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Old 01-08-2009, 02:19 PM   #1
m-man
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Registered: Jan 2009
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tried to bypass keyring at startup, now its messed up


every time i start my computer, ubuntu loads and asks me for a keyring password, i guess its for the wireless key?

anyway i searched for a way around it, and i did what it said, http://ubuntuforums.org/showthread.php?t=748934

and when i restarted X? it had an 'authentication failed' box that wont go away, and i had to restart.

after restart, i can get into ubuntu, but the keyring box still comes up

so how do i finish the job, or how can i return it to before i touched it

thanks
 
Old 01-08-2009, 02:45 PM   #2
jschiwal
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The third page of your link wasn't on the server, so I'm not certain whether the poster was able to do it either.

The keyring will hold other keys as well, so I wonder if bypassing it is a good idea. Imagine that you also have an encrypted partition or have a passphrase to unlock your ssh private key. If the passphrases for these keys are also held by the keyring, then you would be seriously compromising security in the name of convenience. Imagine if you engage in on line banking, and the keyring caches your credentials. Someone stealing your laptop would be able to empty out your bank account. Consider changing when the wireless interface starts up instead from onboot to ondemand. I don't use Ubuntu, so I don't know whether you use an /etc/sysconfig/network/ifcfg-wlan0 file. From the man page for "ifcfg":
Code:
VARIABLES
       The  following  is  a list of variables that can be put in the configuration file, with an
       example in parentheses.  * marks the default.  For the meaning of suffix, see the  section
       Multiple addresses.

       STARTMODE {manual*|auto|hotplug|ifplugd|nfsroot|off}
              Choose when the interface should be set up.
              manual Interface  will be set up if ifup is called manually (without option boot or
                     hotplug)
              auto   Interface will be set up as soon as it is available (and service network was
                     started).  This  either happens at boot time when network is starting or via
                     hotplug when a interface is added to the system (by adding a device or load-
                     ing  a driver). To be backward compliant onboot, on and boot are aliases for
                     auto.
              hotplug
                     This mode is nearly the same as auto.  The difference between auto and  hot-
                     plug is that the latter does not make rcnetwork fail if the interface cannot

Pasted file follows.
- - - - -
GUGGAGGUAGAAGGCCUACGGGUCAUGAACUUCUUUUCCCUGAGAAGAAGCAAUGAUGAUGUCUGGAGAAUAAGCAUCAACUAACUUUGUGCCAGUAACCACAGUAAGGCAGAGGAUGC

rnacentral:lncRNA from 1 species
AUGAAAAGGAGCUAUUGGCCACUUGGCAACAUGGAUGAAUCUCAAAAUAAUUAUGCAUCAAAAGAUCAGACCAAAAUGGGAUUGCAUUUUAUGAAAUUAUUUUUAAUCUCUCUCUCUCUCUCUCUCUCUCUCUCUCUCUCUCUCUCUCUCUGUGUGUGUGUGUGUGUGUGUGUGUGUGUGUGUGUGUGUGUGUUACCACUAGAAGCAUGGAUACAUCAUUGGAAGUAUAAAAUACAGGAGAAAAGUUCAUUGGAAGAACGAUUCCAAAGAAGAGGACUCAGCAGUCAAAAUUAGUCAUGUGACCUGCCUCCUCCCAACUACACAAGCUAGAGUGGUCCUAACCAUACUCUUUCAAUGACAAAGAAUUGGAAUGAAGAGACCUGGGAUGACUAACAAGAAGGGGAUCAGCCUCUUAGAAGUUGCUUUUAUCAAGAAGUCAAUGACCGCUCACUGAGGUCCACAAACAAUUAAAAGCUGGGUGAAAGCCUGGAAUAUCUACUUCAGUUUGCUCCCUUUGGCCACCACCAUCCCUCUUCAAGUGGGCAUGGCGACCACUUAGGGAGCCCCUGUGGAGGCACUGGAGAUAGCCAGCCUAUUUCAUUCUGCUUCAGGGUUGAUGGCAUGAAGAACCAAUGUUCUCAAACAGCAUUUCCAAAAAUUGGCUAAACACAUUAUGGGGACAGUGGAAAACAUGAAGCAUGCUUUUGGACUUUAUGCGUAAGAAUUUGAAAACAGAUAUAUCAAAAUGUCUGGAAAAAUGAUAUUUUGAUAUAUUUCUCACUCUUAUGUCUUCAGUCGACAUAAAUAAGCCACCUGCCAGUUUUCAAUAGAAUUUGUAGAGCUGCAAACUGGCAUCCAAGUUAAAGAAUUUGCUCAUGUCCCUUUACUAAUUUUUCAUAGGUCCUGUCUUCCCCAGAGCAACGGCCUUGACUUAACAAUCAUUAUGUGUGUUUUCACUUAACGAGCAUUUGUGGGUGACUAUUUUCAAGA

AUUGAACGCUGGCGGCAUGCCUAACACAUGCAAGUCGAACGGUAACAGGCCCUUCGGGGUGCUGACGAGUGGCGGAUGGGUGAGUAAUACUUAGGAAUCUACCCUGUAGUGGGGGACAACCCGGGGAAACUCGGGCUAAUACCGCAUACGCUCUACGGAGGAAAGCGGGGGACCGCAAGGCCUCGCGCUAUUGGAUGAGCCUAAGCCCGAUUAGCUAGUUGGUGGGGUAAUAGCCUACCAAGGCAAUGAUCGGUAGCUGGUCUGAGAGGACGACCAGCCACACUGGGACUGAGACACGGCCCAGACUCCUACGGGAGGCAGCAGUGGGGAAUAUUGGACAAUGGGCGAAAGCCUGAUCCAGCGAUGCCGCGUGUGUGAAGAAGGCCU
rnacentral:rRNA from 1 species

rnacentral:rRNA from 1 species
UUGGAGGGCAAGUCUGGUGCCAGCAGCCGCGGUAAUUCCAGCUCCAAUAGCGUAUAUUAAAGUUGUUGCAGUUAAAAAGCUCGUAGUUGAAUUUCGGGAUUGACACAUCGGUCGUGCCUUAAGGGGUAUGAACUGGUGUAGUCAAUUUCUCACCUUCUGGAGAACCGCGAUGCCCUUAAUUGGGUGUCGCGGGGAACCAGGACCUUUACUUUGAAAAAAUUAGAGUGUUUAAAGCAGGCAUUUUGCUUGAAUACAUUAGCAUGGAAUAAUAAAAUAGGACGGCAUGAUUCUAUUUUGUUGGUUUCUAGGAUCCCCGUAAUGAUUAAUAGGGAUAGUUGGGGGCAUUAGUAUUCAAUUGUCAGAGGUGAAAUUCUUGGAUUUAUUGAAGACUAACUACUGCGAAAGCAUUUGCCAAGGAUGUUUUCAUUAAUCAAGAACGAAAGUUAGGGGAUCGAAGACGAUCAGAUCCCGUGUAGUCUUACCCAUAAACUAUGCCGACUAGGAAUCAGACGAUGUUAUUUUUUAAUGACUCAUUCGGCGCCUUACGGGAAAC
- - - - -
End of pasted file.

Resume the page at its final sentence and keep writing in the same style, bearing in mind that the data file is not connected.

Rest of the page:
be brought up.
              ifplugd
                     The interface will be controlled from ifplugd. At initial ifup only  ifplugd
                     will  be started for this interface. Then if ifplugd detects a link if calls
                     ifup  again  which  finally  sets  the  interface  up.  See  also   variable
                     IFPLUGD_PRIORITY below.
              nfsroot
                     Nearly like auto, but interfaces with this startmode will never be shut down
                     via rcnetwork stop.  ifdown <interface> still works. Use this when you use a
                     root filesystem via network.
              off    Will never be activated.
See if the nm applet configuration has a similar setting. This will defer the asking of the passphrase until you decide to use wireless. If you don't use wireless for the session you may not be asked for it. I suspect that the bootup request is due to the wireless interface being started up on boot.

Or you could use ifdown/ifup style configuration to authenticate instead of a graphical network applet, and have the ifcfg file (or the Ubuntu equivalent). You would do this if you always want to use wireless and don't use the gui network applet to connect to other wireless networks. The wpa psk key will be contained in a root readable config file. If your system doesn't use an ifcfg-wlan0 file to configure wpa, you may need to manually configure a wpa_supplicant.conf file to contain the psk. The wpa_supplicant.conf file can contain entries for other networks as well.

Good Luck. Be sure you understand the security implications when trying to make things more convenient. A master key phrase that unlocks other keys is best kept only in the your head if you want to protect yourself against loss of your keys due to theft or online cracking.
 
Old 01-08-2009, 02:49 PM   #3
m-man
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Registered: Jan 2009
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it seems to work now after i put
@include common-pamkeyring

at the end of the

/etc/pam.d/gdm file


now if i could only get my display to take up the whole screen
its stuck at 800x600, no choices for higher resolutions..

Last edited by m-man; 01-08-2009 at 02:50 PM.
 
  


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